I'd suggest demoing a boat that's really made for a 100-pound paddler, like a Tsunami SP. Or a Current Designs Raven. It'll give you a good reference point for comparisons.
Don't be afraid to demo/rent/borrow boats that fit but are out of your price range. You gain valuable information, and you never know what kind of deals might turn up.
Is this boat going to be equally shared, or is the 100-pound paddler the primary user?
is a good kayak, I have a 120 in my herd (flock, quiver?) and am quite impressed. I am certain that the 135 would be very much the same. A good safe kayak that you can learn kayak skills in then maybe later look at something more expensive and longer if warranted.
I liked the description of
the Coaster, which claims to be good all-round for surf, ocean touring, and bays. But it’s made of a composite material that puts it out of my price range.
Where are you launching and paddling?
– Last Updated: Jul-20-08 3:26 PM EST –
You mention Ocean and Bays, are you going out by yourself?
Are you talking about paddling around Newport or Mission bay or are you talking about launching off beaches into full on surf? It makes a big difference.
Most common kayaks are going to be pretty big for a 100 lb paddler so you are going to make some compromises. So one kayak is not going to do everything well the Tsunami is probably an OK choice. The Valley Avocet is also a nice boat, but it too will be a lot to handle for a 100 lb paddler. If you find a used Coaster buy it, but not very likely they have almost a cult following.
I would not discount SOT kayaks for paddling the California Coast, you might want to see if you could get a hold of a Necky Spike or Dolphin, they are not made any more but they are great boats for Coastal paddling by lighter paddlers. There are sit on tops that don't paddle like barges or aircraft carriers, but that is the common kind you can rent easily. I think you will find that people that regularly launch from beaches and paddle out through the surf and up and down the coast use SOTs. People with SINKS tend to have to paddle in groups and a small minority actually paddle the open coastline. There are exceptions, the best thing to do is just get started, then paddle with folks from CKF or SDKC and learn about boats and the kind of paddling you will be doing.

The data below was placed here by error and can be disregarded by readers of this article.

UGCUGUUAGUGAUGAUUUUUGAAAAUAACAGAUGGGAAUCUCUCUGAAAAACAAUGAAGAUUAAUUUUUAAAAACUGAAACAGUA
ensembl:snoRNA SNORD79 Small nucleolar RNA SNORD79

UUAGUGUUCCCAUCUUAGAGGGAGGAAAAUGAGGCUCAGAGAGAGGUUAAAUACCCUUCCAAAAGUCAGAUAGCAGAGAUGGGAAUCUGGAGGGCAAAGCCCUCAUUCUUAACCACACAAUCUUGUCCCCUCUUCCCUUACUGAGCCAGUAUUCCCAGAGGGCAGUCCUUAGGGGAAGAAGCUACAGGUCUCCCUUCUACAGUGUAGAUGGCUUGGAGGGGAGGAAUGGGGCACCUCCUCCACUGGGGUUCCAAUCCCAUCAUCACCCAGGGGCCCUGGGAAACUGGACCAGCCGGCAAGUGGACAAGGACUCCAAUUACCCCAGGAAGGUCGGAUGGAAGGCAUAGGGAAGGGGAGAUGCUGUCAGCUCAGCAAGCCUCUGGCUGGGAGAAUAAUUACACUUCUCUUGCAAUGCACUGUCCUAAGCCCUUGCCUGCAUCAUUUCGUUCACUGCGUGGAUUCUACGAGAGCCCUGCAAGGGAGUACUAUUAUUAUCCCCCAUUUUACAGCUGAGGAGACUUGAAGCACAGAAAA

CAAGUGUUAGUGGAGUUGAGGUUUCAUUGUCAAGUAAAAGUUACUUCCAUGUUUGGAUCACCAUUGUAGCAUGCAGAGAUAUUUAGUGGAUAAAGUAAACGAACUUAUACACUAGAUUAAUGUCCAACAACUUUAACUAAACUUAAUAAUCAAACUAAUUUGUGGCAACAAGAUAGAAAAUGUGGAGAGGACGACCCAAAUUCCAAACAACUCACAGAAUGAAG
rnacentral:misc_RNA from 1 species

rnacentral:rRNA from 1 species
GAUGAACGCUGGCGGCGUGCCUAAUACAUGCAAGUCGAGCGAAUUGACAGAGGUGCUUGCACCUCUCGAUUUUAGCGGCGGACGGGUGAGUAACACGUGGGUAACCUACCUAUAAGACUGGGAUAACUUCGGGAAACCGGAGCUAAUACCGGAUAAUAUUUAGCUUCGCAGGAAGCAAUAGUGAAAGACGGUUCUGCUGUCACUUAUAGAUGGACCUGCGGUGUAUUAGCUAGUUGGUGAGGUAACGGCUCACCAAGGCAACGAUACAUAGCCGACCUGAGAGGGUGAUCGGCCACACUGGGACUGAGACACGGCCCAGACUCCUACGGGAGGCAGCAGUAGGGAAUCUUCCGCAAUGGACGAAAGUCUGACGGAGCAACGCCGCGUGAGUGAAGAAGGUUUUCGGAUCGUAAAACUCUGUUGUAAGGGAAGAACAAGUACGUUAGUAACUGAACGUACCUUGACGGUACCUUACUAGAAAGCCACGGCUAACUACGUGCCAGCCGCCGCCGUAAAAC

will start out launching from
bays (Newport/Long Beach), but will eventually want to just be able to , say, pull up to a beach (such as Laguna) and launch into the surf.
for a maneuverable sot
a Venus 11 was also recommended to me. Any thoughts on whether that would be decent overall in bays/surf/ocean?
Maybe, but aren’t they all pink?
Not that there’s anything wrong with that…
An “advanced beginner” would know
– Last Updated: Jul-22-08 1:46 AM EST –
most of this in the OP otherwise he/she would just be a beginner. These questions come from a "true" beginner.
These are like "I want the ultimate sportscar that goes 180 mph, gets 6o miles per gallon, doesn't require maintenance and the insurance is $150 dollars per year for a teenager with a DUI".
"Beware" of adjectives.
I'd suggest you learn to paddle first.
g_k, you’re off your meds!
clearly what the young man needs is this:
run, don’t walk, to Monterey
Isn’t that your kayak?
Skills, not boat
– Last Updated: Jul-22-08 1:54 PM EST –
That stated size sounds an awful lot more like a female to me, which also means a slightly lesser torso and likely upper body strength. But in any case, a boat that will feel good to a 5'7" 160 pound person is likely to be (too) big for a 5'1" 100 lb person to do much with other than stay upright and paddle forward.
That goes to what my question would be. There are some good suggestions above, but some further information about desired skills might make for better ones. If all this is about is getting in a boat and going forward, things like cockpit fit and overall volume are less important. If it is also about learning skills like rolling and being able to really manuver the boat, that matters more. IMO, if you are talking ocean you'd better be planning to get a roll and some great bracing and powerful options for turning. (and navigation and weather and a whole lot more gear than you may currently imagine)
I don't know the Tsunami 135 well enough to know if it would be as well suited to those skills as some of the longer boats. But I think it's a question worth considering.